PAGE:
סקר
כמה לומדי דף יומי יש במשפחתך הקרובה?






 

Steinsaltz

Rava said: With regard to one who examined, found a corpse, and removed it from its place, and again examined nearby, found another corpse, and removed it from its place as well, if he examined yet again and discovered a third corpse, he does not move this third one alongside these two he has already moved, as he now knows that this was a graveyard and the corpses were buried there intentionally. And he does not return these two alongside this one either, as he is not obligated to restore the corpses to their prior locations after they have been reburied.

There are those who say that Rava said: Since permission was granted to move the first and second corpses, one may therefore move them all, including the third one. The Gemara asks: And let us deem them part of a graveyard. Since three corpses were found buried together, there might be others in the vicinity. Reish Lakish said: They found a pretext and deemed Eretz Yisrael ritually pure. Since at that point there was just one corpse, the Sages were lenient and were not concerned about any further impurity. The Sages wished to avoid uncertain impurity because people were careful to observe the halakhot of ritual purity in Eretz Yisrael, and additional cases of uncertain impurity would be complicated to observe.

The Gemara asks another question: If one examined twenty cubits from the location of those corpses and did not find anything, what is the halakha? Rav Menashya bar Yirmeya says that Rav says: This is a graveyard. Those three corpses compose the graveyard and there is no concern for others. The Gemara asks: What is the reason for this ruling? Why is there no concern that there might be many more corpses in the surrounding area? Once again Reish Lakish said: They found a pretext and deemed Eretz Yisrael ritually pure. Eretz Yisrael is deemed pure in a case of uncertainty.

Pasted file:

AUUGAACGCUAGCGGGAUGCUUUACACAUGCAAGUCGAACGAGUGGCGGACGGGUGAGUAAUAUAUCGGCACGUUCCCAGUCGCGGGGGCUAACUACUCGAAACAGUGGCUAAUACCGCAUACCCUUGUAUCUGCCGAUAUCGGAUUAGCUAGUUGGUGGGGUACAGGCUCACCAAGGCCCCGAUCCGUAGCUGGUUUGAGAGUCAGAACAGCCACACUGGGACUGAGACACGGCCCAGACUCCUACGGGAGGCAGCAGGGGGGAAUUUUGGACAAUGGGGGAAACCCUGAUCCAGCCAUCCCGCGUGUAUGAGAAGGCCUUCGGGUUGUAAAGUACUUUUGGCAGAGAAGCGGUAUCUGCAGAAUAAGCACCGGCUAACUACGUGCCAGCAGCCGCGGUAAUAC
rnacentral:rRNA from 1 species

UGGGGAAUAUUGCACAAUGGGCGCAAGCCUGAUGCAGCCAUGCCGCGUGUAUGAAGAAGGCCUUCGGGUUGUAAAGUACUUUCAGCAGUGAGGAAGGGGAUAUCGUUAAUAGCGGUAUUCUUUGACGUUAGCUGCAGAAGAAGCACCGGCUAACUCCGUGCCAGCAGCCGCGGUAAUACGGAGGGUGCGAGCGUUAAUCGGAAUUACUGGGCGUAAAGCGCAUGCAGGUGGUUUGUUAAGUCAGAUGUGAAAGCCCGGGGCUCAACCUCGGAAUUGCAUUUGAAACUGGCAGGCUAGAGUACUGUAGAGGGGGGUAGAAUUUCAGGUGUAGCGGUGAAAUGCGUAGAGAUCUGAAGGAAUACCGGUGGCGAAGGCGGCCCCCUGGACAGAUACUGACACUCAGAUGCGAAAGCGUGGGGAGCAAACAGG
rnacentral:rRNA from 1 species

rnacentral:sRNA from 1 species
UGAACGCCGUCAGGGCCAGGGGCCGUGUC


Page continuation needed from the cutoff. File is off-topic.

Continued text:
MISHNA: Any case of uncertainty with regard to leprous sores is initially deemed pure until it is established that it is a case of ritual impurity. Once it has been determined to be a case of impurity, uncertainty concerning it is deemed impure.

GEMARA: The Gemara asks: From where are these matters derived? Rav Yehuda said that Rav said: The verse states: “This is the law of the plague of leprosy…to pronounce it pure or to pronounce it impure” (Leviticus 13:59). Since the verse opened with purity first, this teaches that any case of uncertainty concerning leprous sores is deemed pure. The Gemara asks: If so, if the halakha is based on this verse, then even once it has been determined to be a case of impurity, uncertainty concerning it should be deemed pure as well, as this interpretation of the verse should apply to all cases of uncertainty with regard to leprosy.

Rather, when this statement, that Rav Yehuda said that Rav said, was stated, it was stated with regard to the following dispute in a mishna concerning an uncertain leprous sore (Nega’im 4:11): If the snow-white leprous sore [baheret], which is one sign of leprosy, preceded the white hair, which is another sign, he is impure. This halakha is stated in the Torah (see Leviticus 13:3). And if the white hair preceded the baheret he is pure, as this is not considered a sign of impurity. If there is uncertainty as to which came first, he is impure. And Rabbi Yehoshua said: Keiha.

The Gemara asks: What is the meaning of keiha? Rav Yehuda said: Rabbi Yehoshua pronounced the matter unsolvable and ruled it is pure. The Gemara further asks: And perhaps this means that he pronounced the matter unsolvable and ruled it is impure? Rav Yehuda said that Rav said: The verse states: “To pronounce it pure or to pronounce it impure” (Leviticus 13:59); since the verse opened with purity first, any case of uncertainty concerning leprous sores is deemed pure.